When Hurricane Katrina was a hurricane: Where is it now?
A storm of hurricane-force winds and record rainfall devastated Haiti on the night of August 29, 2010, killing at least 3,000 people.
Haiti has since rebuilt.
But there is no evidence that the storm was any different from the one that ravaged much of Southeast Asia and Africa, killing tens of thousands of people and causing the world’s worst humanitarian crisis.
That disaster is now the focus of an international inquiry led by the UN.
In Haiti, the reconstruction is often described as a disaster waiting to happen.
But it has not.
Here are the key facts about Hurricane Katrina: Katrina’s impact: Hurricane Katrina killed more than 3,500 people in Haiti, according to UN figures.
The death toll was much higher than the official death toll of more than 20,000.
Haiti is home to about 20 million people, or about 15% of the population.
More than 70% of Haiti’s population is under five years of age.
Katrina killed a large portion of the country’s food and agriculture.
In the aftermath of the storm, Haitians were able to rebuild their lives, but many people have struggled to do so.
Haiti’s recovery from the devastating disaster remains uneven, as Haiti is not a rich country.
Haiti now ranks near the bottom of the World Bank’s index of development.
It ranked only 14th among the 34 countries surveyed.
A number of factors contributed to Haiti’s poor performance, including the country was badly affected by natural disasters and lack of investment.
Haiti was also badly affected in the aftermath and after the hurricane.
Haiti had to rebuild from the devastation of Hurricane Jeanne in 2004, which left many people homeless.
It has been rebuilding for more than a decade, and it is slowly improving.
In 2014, the UN’s Office of the High Commissioner for Human Rights released its report, Haiti: A Vision for a New Age, which highlighted the long-term challenges and challenges for Haiti and the region.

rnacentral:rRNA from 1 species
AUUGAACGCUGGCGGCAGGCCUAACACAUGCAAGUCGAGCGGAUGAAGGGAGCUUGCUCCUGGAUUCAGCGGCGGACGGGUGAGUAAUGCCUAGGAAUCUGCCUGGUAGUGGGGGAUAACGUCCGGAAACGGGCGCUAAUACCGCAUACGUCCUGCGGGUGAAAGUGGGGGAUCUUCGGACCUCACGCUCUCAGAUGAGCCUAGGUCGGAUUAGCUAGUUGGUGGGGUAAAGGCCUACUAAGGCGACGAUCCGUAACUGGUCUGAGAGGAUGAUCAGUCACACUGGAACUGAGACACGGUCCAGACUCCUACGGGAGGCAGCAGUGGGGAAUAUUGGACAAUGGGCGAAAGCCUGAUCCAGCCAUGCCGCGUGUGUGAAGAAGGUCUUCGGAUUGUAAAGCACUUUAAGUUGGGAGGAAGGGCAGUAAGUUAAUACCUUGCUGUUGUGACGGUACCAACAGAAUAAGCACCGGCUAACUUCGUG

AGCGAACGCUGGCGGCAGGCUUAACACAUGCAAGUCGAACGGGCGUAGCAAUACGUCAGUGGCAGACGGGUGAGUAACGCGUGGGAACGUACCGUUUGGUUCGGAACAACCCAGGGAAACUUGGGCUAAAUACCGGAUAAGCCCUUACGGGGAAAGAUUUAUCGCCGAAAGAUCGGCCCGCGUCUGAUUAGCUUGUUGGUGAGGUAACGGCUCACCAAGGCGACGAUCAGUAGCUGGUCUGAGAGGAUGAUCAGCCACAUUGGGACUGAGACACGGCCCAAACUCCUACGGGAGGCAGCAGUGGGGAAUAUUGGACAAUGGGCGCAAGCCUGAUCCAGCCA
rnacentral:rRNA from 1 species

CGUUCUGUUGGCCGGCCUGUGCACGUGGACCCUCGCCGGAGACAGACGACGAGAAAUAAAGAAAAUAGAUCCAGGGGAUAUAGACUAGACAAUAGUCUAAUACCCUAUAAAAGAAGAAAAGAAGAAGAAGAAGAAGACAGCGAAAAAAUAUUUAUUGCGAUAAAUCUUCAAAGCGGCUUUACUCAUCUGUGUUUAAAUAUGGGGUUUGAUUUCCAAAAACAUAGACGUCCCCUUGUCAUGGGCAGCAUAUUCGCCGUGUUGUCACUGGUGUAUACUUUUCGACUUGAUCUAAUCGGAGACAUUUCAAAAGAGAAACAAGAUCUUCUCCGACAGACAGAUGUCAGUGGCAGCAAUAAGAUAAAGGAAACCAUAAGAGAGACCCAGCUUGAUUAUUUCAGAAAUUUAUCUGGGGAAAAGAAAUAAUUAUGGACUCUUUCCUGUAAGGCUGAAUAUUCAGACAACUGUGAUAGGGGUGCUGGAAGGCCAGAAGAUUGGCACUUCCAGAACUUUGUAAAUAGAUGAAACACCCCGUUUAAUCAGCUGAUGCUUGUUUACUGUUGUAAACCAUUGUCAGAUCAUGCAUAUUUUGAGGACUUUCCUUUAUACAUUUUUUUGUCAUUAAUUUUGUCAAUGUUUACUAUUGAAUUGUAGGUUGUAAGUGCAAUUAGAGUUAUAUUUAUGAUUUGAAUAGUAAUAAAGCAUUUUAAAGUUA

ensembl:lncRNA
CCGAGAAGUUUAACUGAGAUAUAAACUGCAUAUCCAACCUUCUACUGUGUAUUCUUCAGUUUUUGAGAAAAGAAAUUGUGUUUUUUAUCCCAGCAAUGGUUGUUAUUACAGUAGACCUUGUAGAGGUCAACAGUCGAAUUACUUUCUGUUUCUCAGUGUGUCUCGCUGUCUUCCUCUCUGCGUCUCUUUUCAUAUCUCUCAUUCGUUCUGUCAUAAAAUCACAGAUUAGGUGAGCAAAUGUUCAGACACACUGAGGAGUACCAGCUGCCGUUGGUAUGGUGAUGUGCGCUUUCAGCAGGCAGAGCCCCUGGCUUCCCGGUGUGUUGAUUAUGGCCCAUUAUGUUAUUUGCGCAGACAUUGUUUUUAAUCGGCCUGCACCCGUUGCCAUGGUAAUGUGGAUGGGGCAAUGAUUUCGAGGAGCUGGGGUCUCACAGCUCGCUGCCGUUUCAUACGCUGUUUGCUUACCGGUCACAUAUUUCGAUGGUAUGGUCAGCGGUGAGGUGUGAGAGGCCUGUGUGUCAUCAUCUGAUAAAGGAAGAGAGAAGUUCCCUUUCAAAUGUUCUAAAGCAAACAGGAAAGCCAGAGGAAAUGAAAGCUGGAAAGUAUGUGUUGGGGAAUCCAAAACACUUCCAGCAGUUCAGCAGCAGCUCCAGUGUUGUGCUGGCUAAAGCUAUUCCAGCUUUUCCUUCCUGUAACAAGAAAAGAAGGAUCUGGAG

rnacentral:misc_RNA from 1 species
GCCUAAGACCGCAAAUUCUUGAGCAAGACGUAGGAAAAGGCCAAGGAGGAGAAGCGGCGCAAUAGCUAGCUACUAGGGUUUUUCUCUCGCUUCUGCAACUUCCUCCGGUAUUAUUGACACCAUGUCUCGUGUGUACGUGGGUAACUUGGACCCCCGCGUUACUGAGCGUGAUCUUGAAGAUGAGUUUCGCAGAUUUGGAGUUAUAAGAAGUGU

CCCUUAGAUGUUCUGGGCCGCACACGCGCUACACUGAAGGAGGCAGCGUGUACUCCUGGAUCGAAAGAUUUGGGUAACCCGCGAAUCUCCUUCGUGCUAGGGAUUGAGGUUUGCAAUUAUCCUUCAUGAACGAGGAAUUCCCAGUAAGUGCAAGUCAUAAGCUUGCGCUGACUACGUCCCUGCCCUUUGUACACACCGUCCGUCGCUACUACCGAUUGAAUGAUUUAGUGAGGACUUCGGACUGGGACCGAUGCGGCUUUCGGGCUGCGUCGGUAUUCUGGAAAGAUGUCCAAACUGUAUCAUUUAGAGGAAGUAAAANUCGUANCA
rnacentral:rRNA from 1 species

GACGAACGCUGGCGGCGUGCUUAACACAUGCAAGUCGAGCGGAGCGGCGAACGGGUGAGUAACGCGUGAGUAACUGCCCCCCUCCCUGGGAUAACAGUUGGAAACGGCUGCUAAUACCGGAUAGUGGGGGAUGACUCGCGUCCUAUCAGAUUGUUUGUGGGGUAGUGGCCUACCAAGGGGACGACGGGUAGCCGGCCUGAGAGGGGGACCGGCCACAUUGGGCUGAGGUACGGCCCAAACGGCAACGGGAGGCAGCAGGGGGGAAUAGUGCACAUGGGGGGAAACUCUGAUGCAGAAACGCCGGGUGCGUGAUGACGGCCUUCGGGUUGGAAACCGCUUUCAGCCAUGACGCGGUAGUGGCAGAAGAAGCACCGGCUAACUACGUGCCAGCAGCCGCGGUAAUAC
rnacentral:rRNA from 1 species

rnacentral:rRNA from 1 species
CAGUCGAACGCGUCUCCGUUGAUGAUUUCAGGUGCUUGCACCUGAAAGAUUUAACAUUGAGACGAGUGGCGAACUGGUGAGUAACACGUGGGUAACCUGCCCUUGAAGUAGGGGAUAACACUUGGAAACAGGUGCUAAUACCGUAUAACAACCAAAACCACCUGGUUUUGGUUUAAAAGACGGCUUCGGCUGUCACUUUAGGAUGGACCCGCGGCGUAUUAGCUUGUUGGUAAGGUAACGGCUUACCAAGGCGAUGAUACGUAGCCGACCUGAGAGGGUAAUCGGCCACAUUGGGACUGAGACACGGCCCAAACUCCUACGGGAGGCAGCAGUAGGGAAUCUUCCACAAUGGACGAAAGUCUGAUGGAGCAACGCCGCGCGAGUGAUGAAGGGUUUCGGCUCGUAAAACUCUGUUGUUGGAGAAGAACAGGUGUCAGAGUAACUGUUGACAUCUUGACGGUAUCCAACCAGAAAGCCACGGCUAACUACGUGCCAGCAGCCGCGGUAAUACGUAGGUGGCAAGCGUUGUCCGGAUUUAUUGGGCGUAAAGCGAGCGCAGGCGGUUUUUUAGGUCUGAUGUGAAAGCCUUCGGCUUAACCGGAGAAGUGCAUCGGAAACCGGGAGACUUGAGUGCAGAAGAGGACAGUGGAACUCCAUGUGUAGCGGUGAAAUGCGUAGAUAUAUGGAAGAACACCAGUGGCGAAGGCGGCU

But Haiti is still in a state of transition, according the report.
Haitians are still waiting to be able to move forward with reconstruction projects, including schools, roads, water treatment facilities and the rebuilding of damaged homes.
Haiti also has the highest poverty rate in the Caribbean region, according an UN report.
Haiti continues to struggle with rising health care costs, particularly for children.
A large number of people have to pay for medicines in the form of Medicaid, which covers only a small portion of income.
Haiti remains one of the poorest countries in the world.
It is one of only five nations in the region to report a poverty rate above 10%.
Haiti has seen many challenges to rebuilding and reconstruction, including political instability and a lack of infrastructure.
Haiti did not have access to any international aid since the 2011 earthquake, which killed at least 20,600 people.
The country has also had to pay the salaries of many government employees, including teachers, who are still on unpaid leave.
A lack of political stability in Haiti has also hampered Haiti’s ability to rebuild.
Haiti relies heavily on international donors and has had to borrow to finance its reconstruction projects.
Haiti received just $1.3 billion from international donors in 2017, according a report by the U.S. Agency for International Development.
Haiti suffered a devastating natural disaster in April 2011.
A magnitude 6.8 earthquake rocked the country and left more than 5,000 dead.
Haiti lost more than half its population, and the death toll increased to more than 6,000 by December 2012.
But after years of rebuilding, the country is not yet fully rebuilt.
In February 2018, Haiti’s new president, Michel Martelly, declared a state that is in a transition period.
He said Haiti would soon get back to being a developed country.
That announcement triggered a flood of international aid that has helped rebuild many of the devastated neighborhoods and damaged schools and hospitals.
Haiti may need more foreign aid than it can provide.
In a recent report by Oxfam, the charity that helped finance Haiti’s reconstruction, the United States has said that the U,S.
and other countries should provide an additional $6.6 billion to help Haiti rebuild.
The U.K. is currently providing another $2.5 billion.
The United Nations, which is helping rebuild Haiti, has pledged $2 billion.
But the United Nations and other international aid organizations, including Oxfam and the World Food Program, are not expected to provide the money quickly.
In October 2018, the U:A:A Fund for Reconstruction, a global humanitarian relief organization, said that it is “waiting for the U.:A:Ana and U:B:B Fund for Development to provide all the money needed.”
Oxfam has said the UA:B and UA/B:A are the only two international organizations that have access in Haiti to the funds needed.